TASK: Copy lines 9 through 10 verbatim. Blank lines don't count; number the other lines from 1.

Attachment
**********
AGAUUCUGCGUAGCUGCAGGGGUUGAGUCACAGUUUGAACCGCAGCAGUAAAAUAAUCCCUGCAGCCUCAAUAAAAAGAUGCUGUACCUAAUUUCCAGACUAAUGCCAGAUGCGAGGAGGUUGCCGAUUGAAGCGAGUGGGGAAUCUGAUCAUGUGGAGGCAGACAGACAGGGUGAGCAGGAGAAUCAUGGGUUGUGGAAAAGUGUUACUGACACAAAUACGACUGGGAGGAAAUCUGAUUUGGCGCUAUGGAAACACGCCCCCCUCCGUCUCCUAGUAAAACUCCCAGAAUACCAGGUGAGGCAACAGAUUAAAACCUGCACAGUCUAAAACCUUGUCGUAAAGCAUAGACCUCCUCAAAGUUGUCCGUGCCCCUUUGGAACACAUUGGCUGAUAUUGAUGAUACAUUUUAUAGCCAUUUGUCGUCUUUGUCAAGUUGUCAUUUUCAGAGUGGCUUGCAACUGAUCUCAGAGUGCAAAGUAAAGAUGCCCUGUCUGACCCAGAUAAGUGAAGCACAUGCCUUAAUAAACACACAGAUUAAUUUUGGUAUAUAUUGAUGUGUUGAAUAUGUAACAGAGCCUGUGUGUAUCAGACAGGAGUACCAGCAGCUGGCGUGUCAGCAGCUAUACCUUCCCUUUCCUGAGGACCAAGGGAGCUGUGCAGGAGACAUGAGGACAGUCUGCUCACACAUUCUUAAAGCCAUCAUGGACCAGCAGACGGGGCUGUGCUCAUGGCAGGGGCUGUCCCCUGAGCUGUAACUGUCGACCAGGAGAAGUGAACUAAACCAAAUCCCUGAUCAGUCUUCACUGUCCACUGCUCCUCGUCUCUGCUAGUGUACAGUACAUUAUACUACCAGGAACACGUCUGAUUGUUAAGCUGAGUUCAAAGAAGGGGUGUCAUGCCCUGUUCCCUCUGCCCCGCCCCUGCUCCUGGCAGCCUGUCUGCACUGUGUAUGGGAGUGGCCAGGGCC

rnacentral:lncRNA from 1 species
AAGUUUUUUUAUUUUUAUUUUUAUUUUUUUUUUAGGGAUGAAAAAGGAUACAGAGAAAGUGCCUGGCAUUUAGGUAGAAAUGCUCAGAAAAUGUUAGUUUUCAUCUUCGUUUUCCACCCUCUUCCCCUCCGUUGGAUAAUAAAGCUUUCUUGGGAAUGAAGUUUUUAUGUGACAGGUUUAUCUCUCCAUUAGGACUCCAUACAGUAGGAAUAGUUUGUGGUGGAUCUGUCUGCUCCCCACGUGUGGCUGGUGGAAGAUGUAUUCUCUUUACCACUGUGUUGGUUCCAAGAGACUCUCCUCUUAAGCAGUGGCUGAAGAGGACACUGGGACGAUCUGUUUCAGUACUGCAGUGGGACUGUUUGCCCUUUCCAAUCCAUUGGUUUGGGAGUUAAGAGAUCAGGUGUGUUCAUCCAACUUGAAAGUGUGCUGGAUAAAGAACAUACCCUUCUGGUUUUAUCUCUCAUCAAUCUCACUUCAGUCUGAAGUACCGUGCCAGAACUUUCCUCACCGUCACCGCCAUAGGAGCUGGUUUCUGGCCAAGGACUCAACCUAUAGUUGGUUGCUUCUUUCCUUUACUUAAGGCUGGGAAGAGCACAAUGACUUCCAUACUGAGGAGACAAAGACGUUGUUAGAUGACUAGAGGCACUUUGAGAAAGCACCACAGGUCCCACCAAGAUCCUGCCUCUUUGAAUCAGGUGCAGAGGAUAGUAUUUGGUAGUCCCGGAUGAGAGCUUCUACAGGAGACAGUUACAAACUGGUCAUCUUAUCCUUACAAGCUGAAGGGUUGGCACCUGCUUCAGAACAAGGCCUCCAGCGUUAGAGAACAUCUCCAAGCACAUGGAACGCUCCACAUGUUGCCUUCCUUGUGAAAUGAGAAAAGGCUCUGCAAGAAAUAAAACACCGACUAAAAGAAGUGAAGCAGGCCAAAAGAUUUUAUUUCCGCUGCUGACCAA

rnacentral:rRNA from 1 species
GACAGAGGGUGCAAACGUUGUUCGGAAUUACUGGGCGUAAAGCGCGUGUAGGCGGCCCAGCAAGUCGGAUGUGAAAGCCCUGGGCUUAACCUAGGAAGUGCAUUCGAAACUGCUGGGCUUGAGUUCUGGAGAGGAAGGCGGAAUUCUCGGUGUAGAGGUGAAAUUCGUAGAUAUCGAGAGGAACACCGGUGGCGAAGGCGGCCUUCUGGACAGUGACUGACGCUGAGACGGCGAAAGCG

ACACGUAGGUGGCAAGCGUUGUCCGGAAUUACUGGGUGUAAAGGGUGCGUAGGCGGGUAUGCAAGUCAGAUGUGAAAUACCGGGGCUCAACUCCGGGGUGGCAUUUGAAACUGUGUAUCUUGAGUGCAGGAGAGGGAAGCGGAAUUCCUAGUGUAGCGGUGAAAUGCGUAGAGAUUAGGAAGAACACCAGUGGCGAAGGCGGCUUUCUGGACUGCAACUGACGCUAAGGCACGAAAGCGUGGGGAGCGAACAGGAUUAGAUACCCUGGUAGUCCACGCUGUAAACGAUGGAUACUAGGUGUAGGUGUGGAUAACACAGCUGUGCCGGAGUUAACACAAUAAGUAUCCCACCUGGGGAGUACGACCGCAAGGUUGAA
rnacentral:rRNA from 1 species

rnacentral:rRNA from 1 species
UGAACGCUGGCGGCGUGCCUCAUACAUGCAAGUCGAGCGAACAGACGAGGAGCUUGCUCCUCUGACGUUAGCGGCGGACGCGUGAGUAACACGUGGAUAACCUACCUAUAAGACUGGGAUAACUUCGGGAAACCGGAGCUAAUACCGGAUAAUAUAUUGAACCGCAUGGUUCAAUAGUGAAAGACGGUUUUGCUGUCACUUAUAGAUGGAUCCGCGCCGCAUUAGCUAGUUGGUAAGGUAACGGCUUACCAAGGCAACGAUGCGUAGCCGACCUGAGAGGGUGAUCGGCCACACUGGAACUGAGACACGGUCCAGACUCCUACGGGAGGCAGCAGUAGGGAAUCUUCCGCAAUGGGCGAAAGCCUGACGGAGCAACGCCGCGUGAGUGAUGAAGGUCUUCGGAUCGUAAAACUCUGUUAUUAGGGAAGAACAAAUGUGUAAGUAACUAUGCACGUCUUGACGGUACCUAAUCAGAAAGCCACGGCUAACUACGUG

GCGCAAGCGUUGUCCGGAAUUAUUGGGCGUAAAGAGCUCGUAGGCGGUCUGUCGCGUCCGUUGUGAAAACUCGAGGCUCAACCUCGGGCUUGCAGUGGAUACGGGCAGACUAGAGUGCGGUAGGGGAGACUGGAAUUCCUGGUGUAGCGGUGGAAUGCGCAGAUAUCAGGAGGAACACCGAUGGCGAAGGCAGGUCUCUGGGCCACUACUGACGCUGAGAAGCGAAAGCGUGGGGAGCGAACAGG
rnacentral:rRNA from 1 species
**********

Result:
UGAACGCUGGCGGCGUGCCUCAUACAUGCAAGUCGAGCGAACAGACGAGGAGCUUGCUCCUCUGACGUUAGCGGCGGACGCGUGAGUAACACGUGGAUAACCUACCUAUAAGACUGGGAUAACUUCGGGAAACCGGAGCUAAUACCGGAUAAUAUAUUGAACCGCAUGGUUCAAUAGUGAAAGACGGUUUUGCUGUCACUUAUAGAUGGAUCCGCGCCGCAUUAGCUAGUUGGUAAGGUAACGGCUUACCAAGGCAACGAUGCGUAGCCGACCUGAGAGGGUGAUCGGCCACACUGGAACUGAGACACGGUCCAGACUCCUACGGGAGGCAGCAGUAGGGAAUCUUCCGCAAUGGGCGAAAGCCUGACGGAGCAACGCCGCGUGAGUGAUGAAGGUCUUCGGAUCGUAAAACUCUGUUAUUAGGGAAGAACAAAUGUGUAAGUAACUAUGCACGUCUUGACGGUACCUAAUCAGAAAGCCACGGCUAACUACGUG

GCGCAAGCGUUGUCCGGAAUUAUUGGGCGUAAAGAGCUCGUAGGCGGUCUGUCGCGUCCGUUGUGAAAACUCGAGGCUCAACCUCGGGCUUGCAGUGGAUACGGGCAGACUAGAGUGCGGUAGGGGAGACUGGAAUUCCUGGUGUAGCGGUGGAAUGCGCAGAUAUCAGGAGGAACACCGAUGGCGAAGGCAGGUCUCUGGGCCACUACUGACGCUGAGAAGCGAAAGCGUGGGGAGCGAACAGG